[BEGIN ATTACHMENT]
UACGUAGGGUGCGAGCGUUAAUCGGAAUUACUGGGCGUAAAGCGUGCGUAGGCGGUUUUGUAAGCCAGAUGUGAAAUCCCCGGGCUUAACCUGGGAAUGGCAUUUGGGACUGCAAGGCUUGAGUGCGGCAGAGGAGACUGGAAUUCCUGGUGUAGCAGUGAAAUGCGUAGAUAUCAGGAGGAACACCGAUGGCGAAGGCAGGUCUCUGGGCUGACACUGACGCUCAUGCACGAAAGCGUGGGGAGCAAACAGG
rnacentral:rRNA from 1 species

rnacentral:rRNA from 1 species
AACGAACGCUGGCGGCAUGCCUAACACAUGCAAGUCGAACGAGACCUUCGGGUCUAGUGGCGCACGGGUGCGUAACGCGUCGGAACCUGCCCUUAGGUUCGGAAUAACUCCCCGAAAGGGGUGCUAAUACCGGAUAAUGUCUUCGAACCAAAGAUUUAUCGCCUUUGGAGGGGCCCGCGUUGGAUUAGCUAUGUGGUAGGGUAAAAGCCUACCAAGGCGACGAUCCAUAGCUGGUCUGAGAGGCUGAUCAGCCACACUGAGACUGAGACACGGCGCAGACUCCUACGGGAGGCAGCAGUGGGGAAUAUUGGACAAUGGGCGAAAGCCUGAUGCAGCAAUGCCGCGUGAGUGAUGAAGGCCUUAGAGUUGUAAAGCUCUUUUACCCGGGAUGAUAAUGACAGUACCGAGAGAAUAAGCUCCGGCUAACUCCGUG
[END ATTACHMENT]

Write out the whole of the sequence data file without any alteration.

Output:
UACGUAGGGUGCGAGCGUUAAUCGGAAUUACUGGGCGUAAAGCGUGCGUAGGCGGUUUUGUAAGCCAGAUGUGAAAUCCCCGGGCUUAACCUGGGAAUGGCAUUUGGGACUGCAAGGCUUGAGUGCGGCAGAGGAGACUGGAAUUCCUGGUGUAGCAGUGAAAUGCGUAGAUAUCAGGAGGAACACCGAUGGCGAAGGCAGGUCUCUGGGCUGACACUGACGCUCAUGCACGAAAGCGUGGGGAGCAAACAGG
rnacentral:rRNA from 1 species

rnacentral:rRNA from 1 species
AACGAACGCUGGCGGCAUGCCUAACACAUGCAAGUCGAACGAGACCUUCGGGUCUAGUGGCGCACGGGUGCGUAACGCGUCGGAACCUGCCCUUAGGUUCGGAAUAACUCCCCGAAAGGGGUGCUAAUACCGGAUAAUGUCUUCGAACCAAAGAUUUAUCGCCUUUGGAGGGGCCCGCGUUGGAUUAGCUAUGUGGUAGGGUAAAAGCCUACCAAGGCGACGAUCCAUAGCUGGUCUGAGAGGCUGAUCAGCCACACUGAGACUGAGACACGGCGCAGACUCCUACGGGAGGCAGCAGUGGGGAAUAUUGGACAAUGGGCGAAAGCCUGAUGCAGCAAUGCCGCGUGAGUGAUGAAGGCCUUAGAGUUGUAAAGCUCUUUUACCCGGGAUGAUAAUGACAGUACCGAGAGAAUAAGCUCCGGCUAACUCCGUG